Falling prices, borrowing binge haunt Midwest’s ‘go-go farmers’

A new class of “go-go farmers” could foreshadow broader economic turmoil in the grain sector, which includes corn, soybeans and wheat.

A Reuters analysis of federal data on agricultural lending in the grain-producing states shows that delinquency rates on farmland and production loans are rising sharply.

The term “go-go” was coined by Midwest growers and agricultural economists to describe farmers who borrowed heavily to expand their farms, then borrowed more in an effort to plant their way out of a commodity price crash.

The total dollar amount of nonperforming bank farm loans shot up to $288.2 million in the second quarter of 2016, up from $132.5 million in the second quarter of 2013, the year after corn and soybean prices peaked, according to data from the Federal Deposit Insurance Corporation.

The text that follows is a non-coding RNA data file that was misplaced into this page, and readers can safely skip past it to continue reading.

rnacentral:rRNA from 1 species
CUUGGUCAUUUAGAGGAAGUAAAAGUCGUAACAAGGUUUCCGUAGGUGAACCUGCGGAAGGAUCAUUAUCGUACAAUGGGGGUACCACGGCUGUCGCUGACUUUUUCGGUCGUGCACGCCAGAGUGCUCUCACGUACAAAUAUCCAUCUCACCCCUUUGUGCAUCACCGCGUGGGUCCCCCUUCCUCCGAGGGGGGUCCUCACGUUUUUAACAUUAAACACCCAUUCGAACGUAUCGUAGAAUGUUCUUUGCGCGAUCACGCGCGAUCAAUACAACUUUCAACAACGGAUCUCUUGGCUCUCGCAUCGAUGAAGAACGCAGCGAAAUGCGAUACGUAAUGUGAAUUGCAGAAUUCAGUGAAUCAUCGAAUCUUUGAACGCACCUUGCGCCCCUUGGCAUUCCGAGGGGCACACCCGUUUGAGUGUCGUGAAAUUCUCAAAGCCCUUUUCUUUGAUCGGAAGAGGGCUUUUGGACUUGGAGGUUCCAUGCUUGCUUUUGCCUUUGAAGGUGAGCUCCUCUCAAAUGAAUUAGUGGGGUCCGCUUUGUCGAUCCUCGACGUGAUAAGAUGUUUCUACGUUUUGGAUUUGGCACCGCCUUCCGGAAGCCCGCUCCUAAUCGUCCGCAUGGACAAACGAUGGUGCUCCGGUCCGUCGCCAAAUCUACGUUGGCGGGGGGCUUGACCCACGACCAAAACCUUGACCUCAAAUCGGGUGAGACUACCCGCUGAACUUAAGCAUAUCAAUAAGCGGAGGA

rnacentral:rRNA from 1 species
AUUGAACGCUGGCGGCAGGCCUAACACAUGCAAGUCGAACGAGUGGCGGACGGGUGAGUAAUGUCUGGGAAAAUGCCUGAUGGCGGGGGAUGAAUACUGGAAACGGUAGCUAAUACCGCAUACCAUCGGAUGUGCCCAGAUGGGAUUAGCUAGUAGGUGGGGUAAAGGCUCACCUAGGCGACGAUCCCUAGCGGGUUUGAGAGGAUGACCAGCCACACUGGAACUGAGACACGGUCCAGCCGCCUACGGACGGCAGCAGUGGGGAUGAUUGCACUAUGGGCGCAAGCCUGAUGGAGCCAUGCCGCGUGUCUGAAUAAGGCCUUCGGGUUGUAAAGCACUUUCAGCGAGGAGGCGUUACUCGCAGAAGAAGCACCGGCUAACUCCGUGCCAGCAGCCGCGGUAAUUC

The federal government doesn’t track large farm bankruptcies, but a special category of bankruptcies for smaller farms — Chapter 12 filings — points to distress in the grain sector.

Another troubling indicator: The proportion of extremely leveraged grain and other row crop farmers in the U.S. — those with debts totaling more than 71 percent of assets — doubled, to 2.4 percent, between 2012 and 2015, according to the latest available USDA data.

Such statistics match up with the common narrative of a continued struggle against low grain prices and high debt after years of credit-fueled expansion.

Read more: St. Louis Post-Dispatch

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